"He instinctively can find the shining greatness of our American culture and does a good job of highlighting it (although he also does have those rare lapses when he writes about hockey, but that is something caused by impurities in the Eastern waters or something)." Erik Keilholtz
Under the patronage of St. Tammany
Mark C. N. Sullivan is an editor at a Massachusetts university. He is married and the father of three children. Email
New England baseball fans who reveled in the glory days of Jim Lonborg and Tony C, and who can still sing from memory "Carl Yastrzemski, the Man We Call Yaz," will want to tune in at 8:30 tonight when NESN airs "Impossible to Forget," a documentary tribute to the Impossible Dream Red Sox of 1967.
The cable network plans throughout the coming season to run "Impossible Flashback" clips of highlights from that memorable season of 40 years ago. And on July 11, the day after the All-Star Game, NESN plans to broadcast in its entirety the Red Sox-Twins game from Sept. 30, 1967, which was a must-win game for Boston in its epic final series with Minnesota that year. The tape is billed as the oldest complete game broadcast in color in existence today, and hasn't been shown on television since its original airing.
The Irish Elk, for one, will have Gansett and VCR at the ready.
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The Nike Red Sox commercial from the 2004 World Series: Just Do It
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The Red Sox Nation website did a very interesting interview last year with Tim Gay, author of a biography of Tris Speaker, pictured above, one of the biggest stars of the Deadball Era and centerfielder in one of the greatest outfield combinations in history.
The interview touches on Speaker's Klan membership, on his part in the Protestant-Catholic tensions in the Red Sox clubhouse of the time, and on allegations of game-fixing in the World Series. Some excerpts:
RSN: Why do you think Speaker has become baseball’s forgotten superstar, even with Boston fans?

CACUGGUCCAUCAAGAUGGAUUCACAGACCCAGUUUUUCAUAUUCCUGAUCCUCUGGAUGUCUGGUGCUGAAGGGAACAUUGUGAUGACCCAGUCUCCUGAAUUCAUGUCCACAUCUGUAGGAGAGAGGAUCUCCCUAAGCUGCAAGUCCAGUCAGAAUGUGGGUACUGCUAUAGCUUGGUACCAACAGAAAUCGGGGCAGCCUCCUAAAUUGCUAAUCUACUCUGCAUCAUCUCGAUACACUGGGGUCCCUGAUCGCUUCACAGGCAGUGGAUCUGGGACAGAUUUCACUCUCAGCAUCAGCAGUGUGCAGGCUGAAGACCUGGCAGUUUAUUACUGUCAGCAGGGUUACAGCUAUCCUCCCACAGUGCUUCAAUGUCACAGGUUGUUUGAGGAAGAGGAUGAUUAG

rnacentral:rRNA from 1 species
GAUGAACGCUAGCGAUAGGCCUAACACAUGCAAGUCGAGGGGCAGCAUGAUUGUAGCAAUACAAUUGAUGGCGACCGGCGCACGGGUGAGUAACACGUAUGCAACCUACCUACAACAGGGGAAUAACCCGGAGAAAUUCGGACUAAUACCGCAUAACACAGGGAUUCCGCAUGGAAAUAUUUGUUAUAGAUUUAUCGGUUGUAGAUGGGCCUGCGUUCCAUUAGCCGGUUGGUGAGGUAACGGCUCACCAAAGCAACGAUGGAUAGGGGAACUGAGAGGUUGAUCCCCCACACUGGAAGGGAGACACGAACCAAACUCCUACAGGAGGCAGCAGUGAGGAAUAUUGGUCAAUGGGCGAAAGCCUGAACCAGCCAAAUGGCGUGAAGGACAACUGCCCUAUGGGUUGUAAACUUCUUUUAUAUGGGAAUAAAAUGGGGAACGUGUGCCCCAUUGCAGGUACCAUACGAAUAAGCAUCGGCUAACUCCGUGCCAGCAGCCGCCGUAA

TG: There are, I believe, a lot of reasons. Part of it has to do with his prickly personality. When Speaker was in Boston from part of 1907 through to the spring of 1916, he was a tough customer and a fish-out-of-water. He was a Southern Protestant who wore his allegiance to the Confederate cause on his sleeve. He was in a town, to put it charitably, that was hostile to those ideas and to people with his background. The irony of it was that the working class of Boston just loved the way he played -- how he ran the bases and played centerfield. He, however, never reciprocated that feeling. He and Smoky Joe Wood developed a pretty tough attitude towards Boston, and he probably was not unhappy to leave.
RSN: Was the Protestant/Catholic rivalry that existed on the Red Sox during this period typical in baseball, or was it unique to the Sox?
TG: I think it was unique. I am sure that that kind of sectarian tension existed in every major American city at the time, but it was particularly pronounced in Boston because of the large number of Catholic Irish immigrants and how they had taken control of the city’s political machinery. In Honey Fitz, the mayor during the Sox great run in the teens, there was an Irish Catholic who metaphorically liked to bloody Brahmin noses. He was not shy about letting people know who was boss and did not hesitate to remind people of the political power that the immigrants held. So I think it was particularly tense in Boston and I think the Red Sox clubhouse did the community one better. “Rough” Carrigan never backed down from a fight and was the head of the KC (Knights of Columbus) faction. Duffy Lewis was another KC and also one never to take any guff. On the other side of the aisle, heading up the Masons were Speaker and Wood who also never backed down. In 1911, Speaker and Carrigan were in the clubhouse brawl to end all clubhouse brawls, and their teammates just let them go. According to most accounts, Carrigan laid a beating on Speaker which was something, as Speaker was exceptional with his fists. It is, I believe, the only fight he ever lost. #